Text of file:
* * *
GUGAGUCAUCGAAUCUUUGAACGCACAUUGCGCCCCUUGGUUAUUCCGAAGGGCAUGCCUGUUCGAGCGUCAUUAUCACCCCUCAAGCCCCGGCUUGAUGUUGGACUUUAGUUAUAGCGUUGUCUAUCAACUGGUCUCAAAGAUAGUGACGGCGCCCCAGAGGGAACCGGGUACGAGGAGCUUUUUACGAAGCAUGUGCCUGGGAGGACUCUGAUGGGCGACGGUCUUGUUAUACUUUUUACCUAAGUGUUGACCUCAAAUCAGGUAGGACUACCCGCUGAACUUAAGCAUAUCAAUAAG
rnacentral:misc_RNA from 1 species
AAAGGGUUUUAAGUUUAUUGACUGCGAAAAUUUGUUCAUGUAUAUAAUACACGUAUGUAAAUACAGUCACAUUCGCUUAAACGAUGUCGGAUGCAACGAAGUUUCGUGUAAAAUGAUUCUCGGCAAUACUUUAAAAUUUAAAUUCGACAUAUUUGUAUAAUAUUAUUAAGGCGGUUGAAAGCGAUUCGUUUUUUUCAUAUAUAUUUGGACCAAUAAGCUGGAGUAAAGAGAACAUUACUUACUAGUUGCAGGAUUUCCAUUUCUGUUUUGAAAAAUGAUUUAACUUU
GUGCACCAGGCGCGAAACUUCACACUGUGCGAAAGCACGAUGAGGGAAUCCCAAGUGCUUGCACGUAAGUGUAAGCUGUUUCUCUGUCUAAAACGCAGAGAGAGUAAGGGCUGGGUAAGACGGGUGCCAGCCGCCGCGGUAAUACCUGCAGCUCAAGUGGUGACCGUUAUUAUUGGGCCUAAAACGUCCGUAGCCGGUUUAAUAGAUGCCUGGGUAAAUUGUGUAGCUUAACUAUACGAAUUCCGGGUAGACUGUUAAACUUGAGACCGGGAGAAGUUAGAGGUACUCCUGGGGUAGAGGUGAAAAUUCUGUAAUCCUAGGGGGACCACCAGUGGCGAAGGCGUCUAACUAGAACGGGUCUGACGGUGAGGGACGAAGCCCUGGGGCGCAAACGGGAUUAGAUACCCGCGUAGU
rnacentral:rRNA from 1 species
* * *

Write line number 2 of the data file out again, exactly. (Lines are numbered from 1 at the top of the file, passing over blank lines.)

rnacentral:misc_RNA from 1 species